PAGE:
“It shows you shouldn’t emulate the past for its own sake”

I’m not interested in emulating the past for its own sake. I’m interested in something specific–the relationship between crime and crime policy. Don’t you think it odd that punishment has no deterrent effect? It did in the past; it does elsewhere; it does in this country in other spheres. A mystery, then.

28. Chaise Guevara

@ 27 vimothy

“I’m not interested in emulating the past for its own sake. I’m interested in something specific–the relationship between crime and crime policy. Don’t you think it odd that punishment has no deterrent effect? It did in the past; it does elsewhere; it does in this country in other spheres. A mystery, then.”

Apologies, I was coming into the conversation too late. Punishment obviously has a deterrent effect, it’s a very clear disincentive.

The problems I have with the justice system in terms of the way we punish people mainly have to do with the side effects. Such as: prison is a deterrent against commiting crime in the first place, but once someone has commited a crime and gone to prison, does that experience make them more or less likely to commit further crimes? I also think that criminal records – not intended as a punishment per se, but in practice potentially worse than jail – keep crime rates up in a rather stupid fashion.

I also think that in some cases we punish people for the effect of their actions rather than the intentions behind them (manslaughter and attempted murder should not exist as charges, in my view, they should be covered under criminal negligence and just normal murder, respectively), and I think that politicians have an unfortunate incentive to favour “tough” policies regardless of what the data says, because in the mind of many people “justice” = “vengeance”.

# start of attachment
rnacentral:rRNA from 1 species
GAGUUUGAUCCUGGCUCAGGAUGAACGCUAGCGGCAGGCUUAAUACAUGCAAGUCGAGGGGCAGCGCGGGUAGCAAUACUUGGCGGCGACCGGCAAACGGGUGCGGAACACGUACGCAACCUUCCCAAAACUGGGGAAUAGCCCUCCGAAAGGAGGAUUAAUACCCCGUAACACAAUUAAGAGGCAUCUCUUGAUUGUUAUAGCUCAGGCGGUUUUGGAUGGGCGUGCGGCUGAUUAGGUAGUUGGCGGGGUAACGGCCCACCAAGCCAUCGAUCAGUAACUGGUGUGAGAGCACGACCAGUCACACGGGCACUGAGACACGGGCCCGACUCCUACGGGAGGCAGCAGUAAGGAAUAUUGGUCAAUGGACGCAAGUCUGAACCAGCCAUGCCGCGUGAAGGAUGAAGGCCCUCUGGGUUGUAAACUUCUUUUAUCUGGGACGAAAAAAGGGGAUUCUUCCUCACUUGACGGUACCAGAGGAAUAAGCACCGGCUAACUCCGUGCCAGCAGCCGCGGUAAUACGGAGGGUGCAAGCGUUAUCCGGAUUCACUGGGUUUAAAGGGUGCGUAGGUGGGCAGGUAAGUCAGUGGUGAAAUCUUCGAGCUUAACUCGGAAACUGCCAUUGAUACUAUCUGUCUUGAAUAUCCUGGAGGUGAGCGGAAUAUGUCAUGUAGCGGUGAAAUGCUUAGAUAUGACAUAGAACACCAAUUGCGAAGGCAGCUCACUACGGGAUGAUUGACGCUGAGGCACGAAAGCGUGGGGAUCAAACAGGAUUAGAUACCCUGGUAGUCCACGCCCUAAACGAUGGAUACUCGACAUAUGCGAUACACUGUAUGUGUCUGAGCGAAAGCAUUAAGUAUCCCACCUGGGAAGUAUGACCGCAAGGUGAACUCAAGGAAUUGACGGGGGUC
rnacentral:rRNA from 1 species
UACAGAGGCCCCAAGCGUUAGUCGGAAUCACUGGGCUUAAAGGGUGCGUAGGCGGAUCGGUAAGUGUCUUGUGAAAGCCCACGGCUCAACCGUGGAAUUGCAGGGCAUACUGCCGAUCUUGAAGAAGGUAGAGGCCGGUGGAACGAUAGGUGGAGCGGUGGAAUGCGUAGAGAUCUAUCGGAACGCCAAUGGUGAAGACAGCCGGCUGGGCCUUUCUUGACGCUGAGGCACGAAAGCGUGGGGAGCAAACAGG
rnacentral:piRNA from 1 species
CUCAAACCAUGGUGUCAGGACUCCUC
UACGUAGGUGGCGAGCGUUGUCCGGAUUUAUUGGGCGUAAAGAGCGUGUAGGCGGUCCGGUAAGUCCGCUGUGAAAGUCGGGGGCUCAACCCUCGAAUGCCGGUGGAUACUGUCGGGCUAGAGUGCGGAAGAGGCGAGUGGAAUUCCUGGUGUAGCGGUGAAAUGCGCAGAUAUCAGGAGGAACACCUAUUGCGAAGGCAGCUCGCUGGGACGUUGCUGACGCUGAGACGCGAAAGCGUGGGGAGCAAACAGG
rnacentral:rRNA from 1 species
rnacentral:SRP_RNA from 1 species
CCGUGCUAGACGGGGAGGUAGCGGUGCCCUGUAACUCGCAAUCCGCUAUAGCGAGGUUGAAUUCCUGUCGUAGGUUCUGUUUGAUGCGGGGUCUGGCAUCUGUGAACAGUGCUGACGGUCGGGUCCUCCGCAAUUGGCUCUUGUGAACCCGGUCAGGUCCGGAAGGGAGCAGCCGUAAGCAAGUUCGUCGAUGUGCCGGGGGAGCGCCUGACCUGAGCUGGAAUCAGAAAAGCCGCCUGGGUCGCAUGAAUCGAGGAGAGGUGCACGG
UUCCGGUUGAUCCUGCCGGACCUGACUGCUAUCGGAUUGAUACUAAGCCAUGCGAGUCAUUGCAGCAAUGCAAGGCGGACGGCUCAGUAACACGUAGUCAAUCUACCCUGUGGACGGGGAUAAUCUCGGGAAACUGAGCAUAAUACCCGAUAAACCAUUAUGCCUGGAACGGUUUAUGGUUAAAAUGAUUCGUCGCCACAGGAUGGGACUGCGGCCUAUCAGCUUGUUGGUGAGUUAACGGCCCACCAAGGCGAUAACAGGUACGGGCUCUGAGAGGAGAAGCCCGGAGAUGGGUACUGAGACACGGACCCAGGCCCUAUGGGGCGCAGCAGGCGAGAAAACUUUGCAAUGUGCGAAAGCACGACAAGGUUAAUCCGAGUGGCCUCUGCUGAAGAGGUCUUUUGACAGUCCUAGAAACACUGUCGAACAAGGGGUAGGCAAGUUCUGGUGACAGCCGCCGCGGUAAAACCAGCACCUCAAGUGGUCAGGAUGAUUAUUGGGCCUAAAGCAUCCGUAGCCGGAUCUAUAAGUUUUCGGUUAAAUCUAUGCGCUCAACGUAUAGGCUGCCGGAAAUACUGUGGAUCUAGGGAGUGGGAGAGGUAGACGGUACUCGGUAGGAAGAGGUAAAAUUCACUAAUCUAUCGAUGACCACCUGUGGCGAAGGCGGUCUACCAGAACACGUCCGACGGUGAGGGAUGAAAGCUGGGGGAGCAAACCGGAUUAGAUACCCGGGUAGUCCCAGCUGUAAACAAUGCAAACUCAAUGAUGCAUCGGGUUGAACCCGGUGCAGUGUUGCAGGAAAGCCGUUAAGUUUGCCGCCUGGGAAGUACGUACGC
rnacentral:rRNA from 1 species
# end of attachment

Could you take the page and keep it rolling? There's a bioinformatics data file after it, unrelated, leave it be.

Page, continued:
Finally, I believe in second chances. If you think that makes me a woolly liberal, fair enough – it’s a values thing, not an objective thing.

vimothy,

Don’t you think it odd that punishment has no deterrent effect?

Please cite.

30. johnPReid

labourHQ and Old politics, well said, Ray-North can it possible to be wrong-on-crime,as opposed to be right on crime

ans Suny, Ed miliband wasn’t prasied all feminists for calling Clakre to go, He was criticised by suzanne Moore, christina Patterson among others
the Sun actually sadi that what clarke said “some rapes are worse than other” but they wanted him to gofor saying lock less people away,